Pakistan is widely despised in Afghanistan, particularly by minorities who dominate the countrys north, because of its sponsorship of the Talibans bloody nationwide takeover in the mid-1990s and the support and sanctuary that they and other insurgents allegedly still receive from the Pakistani army and the army-run Inter-Services Intelligence Directorate, or ISI.
In principles governing the new peace process, the plan reiterates Afghan and U.S. demands that the Taliban and other insurgents cut ties with al Qaida and renounce violence.
But in a shift that could raise concerns among human rights and womens groups, the plan changes what had been a demand for the insurgents accept the Afghan Constitution to one that they respect it.
Any outcome of the peace process must respect the Afghan Constitution and must not jeopardize the rights and freedoms that the citizens of Afghanistan, both men and women, enjoy under the Constitution, the plan says.
The plan comprises five steps. The first step, which now appears underway, calls for Pakistan to end cross-border shelling of Afghan villages and to free Taliban detainees. Nine were released last month after Rabbanis visit, and Pakistan has agreed to free more.
In the first half of 2013, Afghan, U.S. and Pakistani officials are to agree on terms for removing Taliban leaders willing to engage in peace talks from a U.N. terrorism list and giving them safe passage. Pakistan would facilitate direct contact between Afghan officials and identified leaders of the Taliban and other armed opposition groups.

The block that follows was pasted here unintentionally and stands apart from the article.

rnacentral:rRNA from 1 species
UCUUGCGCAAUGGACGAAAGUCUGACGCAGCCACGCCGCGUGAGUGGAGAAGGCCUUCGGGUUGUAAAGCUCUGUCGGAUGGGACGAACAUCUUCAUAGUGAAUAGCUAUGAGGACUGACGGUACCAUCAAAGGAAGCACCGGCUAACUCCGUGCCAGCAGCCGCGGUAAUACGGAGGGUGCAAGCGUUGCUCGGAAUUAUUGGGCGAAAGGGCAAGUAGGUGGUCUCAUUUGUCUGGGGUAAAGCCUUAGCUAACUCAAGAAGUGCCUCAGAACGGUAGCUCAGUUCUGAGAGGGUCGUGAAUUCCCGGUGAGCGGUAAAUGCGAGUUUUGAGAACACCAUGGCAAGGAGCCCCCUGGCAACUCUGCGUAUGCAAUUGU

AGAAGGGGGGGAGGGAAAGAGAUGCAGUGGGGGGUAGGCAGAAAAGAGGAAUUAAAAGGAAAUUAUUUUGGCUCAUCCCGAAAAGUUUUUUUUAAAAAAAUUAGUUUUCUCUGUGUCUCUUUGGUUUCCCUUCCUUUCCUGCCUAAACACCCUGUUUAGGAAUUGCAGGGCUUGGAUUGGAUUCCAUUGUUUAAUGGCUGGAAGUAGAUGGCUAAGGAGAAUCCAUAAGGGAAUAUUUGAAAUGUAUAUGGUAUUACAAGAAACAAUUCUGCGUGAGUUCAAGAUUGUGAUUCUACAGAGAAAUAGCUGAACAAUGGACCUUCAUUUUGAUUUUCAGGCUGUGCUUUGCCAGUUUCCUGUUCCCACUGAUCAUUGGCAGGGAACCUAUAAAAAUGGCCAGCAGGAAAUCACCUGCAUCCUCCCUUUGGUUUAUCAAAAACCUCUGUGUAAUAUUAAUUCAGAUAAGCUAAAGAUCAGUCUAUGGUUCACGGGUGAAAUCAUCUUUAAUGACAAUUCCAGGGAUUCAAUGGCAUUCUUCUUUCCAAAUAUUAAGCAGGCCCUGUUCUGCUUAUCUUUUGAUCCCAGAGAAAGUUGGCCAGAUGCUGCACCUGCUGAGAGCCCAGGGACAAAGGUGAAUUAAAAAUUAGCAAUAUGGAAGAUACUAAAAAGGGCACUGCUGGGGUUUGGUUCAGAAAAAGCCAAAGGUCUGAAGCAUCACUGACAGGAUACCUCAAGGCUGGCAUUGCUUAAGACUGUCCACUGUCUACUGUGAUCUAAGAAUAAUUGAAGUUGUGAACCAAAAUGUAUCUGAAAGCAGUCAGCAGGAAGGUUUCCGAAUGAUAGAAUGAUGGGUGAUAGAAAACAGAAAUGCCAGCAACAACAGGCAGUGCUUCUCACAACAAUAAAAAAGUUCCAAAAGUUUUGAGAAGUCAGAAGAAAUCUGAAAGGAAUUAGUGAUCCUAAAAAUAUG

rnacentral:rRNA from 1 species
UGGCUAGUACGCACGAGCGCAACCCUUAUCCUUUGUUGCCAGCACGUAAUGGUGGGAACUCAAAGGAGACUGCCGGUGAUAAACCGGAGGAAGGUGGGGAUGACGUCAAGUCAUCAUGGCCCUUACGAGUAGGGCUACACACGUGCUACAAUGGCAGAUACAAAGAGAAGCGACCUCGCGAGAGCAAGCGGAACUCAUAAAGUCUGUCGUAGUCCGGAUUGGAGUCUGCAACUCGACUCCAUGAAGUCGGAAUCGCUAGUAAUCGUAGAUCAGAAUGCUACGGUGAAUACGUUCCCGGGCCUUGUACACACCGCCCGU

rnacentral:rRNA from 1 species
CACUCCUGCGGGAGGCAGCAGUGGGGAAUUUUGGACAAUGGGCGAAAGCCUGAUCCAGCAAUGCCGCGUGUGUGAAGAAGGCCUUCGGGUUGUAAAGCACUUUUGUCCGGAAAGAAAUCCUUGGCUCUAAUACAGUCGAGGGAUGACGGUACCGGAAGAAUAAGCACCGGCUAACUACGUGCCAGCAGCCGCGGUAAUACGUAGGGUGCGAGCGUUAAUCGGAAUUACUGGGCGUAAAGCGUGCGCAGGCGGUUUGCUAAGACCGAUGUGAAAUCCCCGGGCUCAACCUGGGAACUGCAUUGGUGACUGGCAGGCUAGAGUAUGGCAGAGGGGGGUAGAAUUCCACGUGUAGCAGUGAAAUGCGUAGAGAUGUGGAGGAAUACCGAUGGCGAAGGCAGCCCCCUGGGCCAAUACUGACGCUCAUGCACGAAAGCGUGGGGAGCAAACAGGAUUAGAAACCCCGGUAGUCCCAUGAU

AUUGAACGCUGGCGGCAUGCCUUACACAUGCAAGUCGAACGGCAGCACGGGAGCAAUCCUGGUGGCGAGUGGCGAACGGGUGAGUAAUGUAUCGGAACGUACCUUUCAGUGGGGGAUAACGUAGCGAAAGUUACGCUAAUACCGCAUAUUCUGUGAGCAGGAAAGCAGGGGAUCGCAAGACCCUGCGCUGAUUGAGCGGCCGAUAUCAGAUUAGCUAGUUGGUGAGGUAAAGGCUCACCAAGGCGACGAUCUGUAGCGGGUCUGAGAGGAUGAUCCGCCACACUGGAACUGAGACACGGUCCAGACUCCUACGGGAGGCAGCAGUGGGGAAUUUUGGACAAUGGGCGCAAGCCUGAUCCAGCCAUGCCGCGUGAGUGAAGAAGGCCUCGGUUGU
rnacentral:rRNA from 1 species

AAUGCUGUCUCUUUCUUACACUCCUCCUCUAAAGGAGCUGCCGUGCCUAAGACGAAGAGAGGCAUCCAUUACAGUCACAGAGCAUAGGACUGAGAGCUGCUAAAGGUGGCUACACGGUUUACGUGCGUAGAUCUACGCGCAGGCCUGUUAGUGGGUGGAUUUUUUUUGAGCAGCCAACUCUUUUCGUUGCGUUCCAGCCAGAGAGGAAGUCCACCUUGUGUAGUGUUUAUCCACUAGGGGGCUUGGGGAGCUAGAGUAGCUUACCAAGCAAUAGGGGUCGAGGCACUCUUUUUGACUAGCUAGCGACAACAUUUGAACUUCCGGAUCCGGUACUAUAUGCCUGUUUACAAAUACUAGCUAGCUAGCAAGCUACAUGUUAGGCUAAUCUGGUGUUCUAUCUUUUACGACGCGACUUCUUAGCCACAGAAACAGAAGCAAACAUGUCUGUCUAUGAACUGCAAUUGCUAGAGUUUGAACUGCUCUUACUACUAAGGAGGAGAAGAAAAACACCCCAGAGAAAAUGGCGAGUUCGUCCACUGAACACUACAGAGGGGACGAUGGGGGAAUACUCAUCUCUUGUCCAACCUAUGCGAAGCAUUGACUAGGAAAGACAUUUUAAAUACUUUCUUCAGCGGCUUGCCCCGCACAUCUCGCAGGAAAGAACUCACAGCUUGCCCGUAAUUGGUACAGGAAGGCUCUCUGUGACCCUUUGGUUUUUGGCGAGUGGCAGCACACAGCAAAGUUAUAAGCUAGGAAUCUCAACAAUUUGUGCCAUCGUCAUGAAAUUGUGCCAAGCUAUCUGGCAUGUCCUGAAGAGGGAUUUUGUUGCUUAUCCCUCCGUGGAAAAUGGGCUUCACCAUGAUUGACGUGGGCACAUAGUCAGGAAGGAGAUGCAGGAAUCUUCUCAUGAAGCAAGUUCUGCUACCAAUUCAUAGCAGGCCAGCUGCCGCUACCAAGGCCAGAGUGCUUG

Afghan, Pakistani and U.S. officials would explore and agree to terms for initiating direct peace talks between the sides with a focus on Saudi Arabia as the venue.
The negotiations would begin in the second half of 2013 preferably through one consistent and coherent channel, with the aim of securing agreements on priority issues, such as ending violence, allowing space for the provision of basic public services, e.g. education, humanitarian aid, and security the conduct of the upcoming elections, the plan says.
The sides would agree to a ceasefire and terms for the release of Taliban prisoners by the government in return for their agreement to disengage and renounce violence.
The sides also would reach an understanding on issues related to security and the withdrawal of international forces. and agree on rules for the insurgents participation in 2014 provincial council and 2015 parliamentary elections.
Another provision would confer considerable political power on the insurgents by allowing them to become cabinet members, provincial governors, district administrators, police chiefs and other key officials.
The negotiating parties to agree on modalities for the inclusion of Taliban and other armed opposition leaders in the power structure of the state, to include non-elected positions at different levels with due consideration of legal and governance principles, the plan says.
That provision, combined with one for an agreement creating immediate space for education and humanitarian and development aid and public services, could effectively cede political control of the Talibans southern and eastern heartland to the insurgents.
The agreements would be implemented in the first half of 2014, and the final phase, set for the second half of 2014, would be used to build international cooperation on preserving the long-term stability of Afghanistan and the region, the plan says.
CORRECTION: Paragraph 10 of this version has been revised to provide the correct date for the assassination of former Afghan President Burhanuddin Rabbani.